Tag Archive - Four Corner Pillars of Novel Construction

Kicking High Concept into High Gear

We’ve been exploring the first key pillar of novel construction—concept with a kicker. Last week I explained that a novel has to have an overarching concept with a unique, compelling kicker. But this is not to be confused with a plot twist or surprise, which is a kicker in its own right. But not the kind of kicker I’m talking about. A novel or movie has to stand on a strong pillar of concept all the way through. It can’t depend on one high moment in the story—regardless of placement in the plot—to support the “structure.”

If you’ve read the previous posts, I hope you are now getting a bit clearer about this concept of concept. Let’s take this a step further. Continue Reading…

Coming Up with a Kicker of a Concept

We’re taking a close look in these first posts on novel construction at the four main corner pillars. To recap briefly, I’m introducing twelve key pillars writers must construct to build a great novel in any genre. The corner pillars are not only the most important, they must work together, and my experience has shown me that if I work on all four of these pillars at one time, fleshing them in bit by bit until they are solid, I can be satisfied that the framework of my “house” will hold up.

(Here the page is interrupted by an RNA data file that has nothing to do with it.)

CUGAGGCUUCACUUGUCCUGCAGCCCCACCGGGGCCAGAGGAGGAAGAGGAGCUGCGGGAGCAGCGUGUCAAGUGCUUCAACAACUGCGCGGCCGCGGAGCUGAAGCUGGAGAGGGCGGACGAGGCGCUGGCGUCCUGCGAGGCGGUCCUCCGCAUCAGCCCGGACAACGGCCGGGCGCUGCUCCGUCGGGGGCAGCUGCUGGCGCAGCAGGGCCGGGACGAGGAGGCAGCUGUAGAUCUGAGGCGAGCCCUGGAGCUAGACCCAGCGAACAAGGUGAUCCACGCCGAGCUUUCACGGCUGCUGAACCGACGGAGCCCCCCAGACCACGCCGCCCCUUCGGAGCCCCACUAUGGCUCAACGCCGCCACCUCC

After those four are in place, the other eight can be developed and fashioned to fit into the framework. Just as when building a house, tasks need to be done in order. You can’t put on the roof or wire the house if you haven’t put up walls. And walls can’t go up without appropriate framework. Continue Reading…

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